I read an interesting quote from Stephen Fry recently in an article about second novels. He said that your first novel is basically the outpouring of your life to-date, whereas the second novel is an act of professional writing. I can associate with that. I approached ‘Three Steps Behind You’ with a very clear view of the psychological thriller genre I was writing in, and with early steers from my editor. The result is deliberately a much tauter and intense piece. Not that I’m knocking my debut, ‘Yours is Mine’ – I’m proud of that too!

Do you read reviews of your previous novel? If so, do you let them influence your writing?

People seemed to find the first one a bit of a page-turner, and enjoy the twists, so I’ve consciously tried to develop that further in this novel. I’m also getting from some of the US reviews that they aren’t so keen on cliff-hanger endings over there. You’ll have to read the novel to the end to see if I took that on board…

Do you have any amusing writing/promoting stories to share with us?

As part of my research I went along to my local fencing club. Unfortunately, it seemed to have merged with the ‘Youth’ fencing group so I spent an hour fencing with these kids who’d been learning for years and who had to humour this clueless adult interloper. At first, it was right back to being uncool or different at school, as none of them wanted to associate with me. Then I realised: I’m an adult. I have social skills. I can chat my way through this one. Maybe. You’ll see that bit reflected in the book – I couldn’t resist drawing on the experience.


Milk, white or dark chocolate?

Dark with added sea salt – thank you, Pret a Manger!

Tea or coffee?

Tea. Milk, no sugar.

Morning or night?

Definitely night. It’s so much more sinister for thrillers. Plus I tend to suddenly wake up at about 10pm, and feel really active. Such a pain to have to rev up all over again in the morning!

Snow or sun?

Sun. My husband says I am solar-powered. Can be odd, though, when it’s sunny outside and I’m sitting inside writing dark and brooding stories.

Listener or talker?

Writers need to be a combination of the two. They have to be good listeners, so that they can absorb human behaviour and speech patterns. But being a good talker is essential too, whether in person or print. Otherwise, how would their stories get told?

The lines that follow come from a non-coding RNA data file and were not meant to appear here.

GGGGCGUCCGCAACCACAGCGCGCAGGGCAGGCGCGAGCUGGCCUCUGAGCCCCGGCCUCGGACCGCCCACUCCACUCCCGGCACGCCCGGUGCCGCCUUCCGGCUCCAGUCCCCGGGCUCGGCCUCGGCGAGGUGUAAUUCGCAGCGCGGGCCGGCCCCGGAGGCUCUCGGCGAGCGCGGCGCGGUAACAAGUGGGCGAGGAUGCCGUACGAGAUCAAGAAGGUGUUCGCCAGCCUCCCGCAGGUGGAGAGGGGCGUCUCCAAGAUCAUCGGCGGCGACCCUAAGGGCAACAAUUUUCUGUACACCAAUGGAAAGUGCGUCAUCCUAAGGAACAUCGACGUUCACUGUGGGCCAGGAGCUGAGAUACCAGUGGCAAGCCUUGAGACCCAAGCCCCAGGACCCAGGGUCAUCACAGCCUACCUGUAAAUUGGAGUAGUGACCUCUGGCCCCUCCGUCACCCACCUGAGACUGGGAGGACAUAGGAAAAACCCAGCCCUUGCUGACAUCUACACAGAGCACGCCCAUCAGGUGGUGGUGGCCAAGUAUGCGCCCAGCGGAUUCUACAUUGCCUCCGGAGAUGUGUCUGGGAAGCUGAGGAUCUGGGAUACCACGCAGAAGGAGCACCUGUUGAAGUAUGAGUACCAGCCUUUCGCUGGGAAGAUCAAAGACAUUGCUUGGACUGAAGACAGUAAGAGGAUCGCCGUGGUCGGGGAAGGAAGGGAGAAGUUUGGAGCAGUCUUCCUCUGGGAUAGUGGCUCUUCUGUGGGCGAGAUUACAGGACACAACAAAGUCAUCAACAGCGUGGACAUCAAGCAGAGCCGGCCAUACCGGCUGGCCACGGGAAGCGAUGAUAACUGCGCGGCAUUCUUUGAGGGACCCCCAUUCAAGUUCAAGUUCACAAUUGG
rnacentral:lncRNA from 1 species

Any last words for your readers?

If you’ve ever wondered if one of your childhood friendships could cross the line into obsession, and whether you ever really know someone, this book is for you.

Thank you so much for being here today Amy, it was a pleasure to have you on my blog again. I particularly enjoyed reading about your experience at the fencing club!


Now check out the book:


“Dan and Adam have always been close. In fact, they’ve been closer than Adam could ever guess. And if Dan’s going to get that close again, it will take time. It will take research. It may even take practice. Fortunately, Dan is a very patient person – and Adam trusts him. With his house key. With his secrets. With his wife…

But as Dan gets closer, someone is watching. Someone who will stop at nothing to uncover the truth… and seek revenge.

It’s only a matter of time before danger steps out of the shadows. Dan has his sight fixed on the future; perhaps he should have kept one eye on what lay behind?

This chilling psychological thriller from the author of ‘Yours is Mine’ explores love, obsession, and betrayal, and asks: can we ever really know another person?”

Three Steps Behind You is available now from all good e-retailers, including:

Amazon | Kobo | iTunes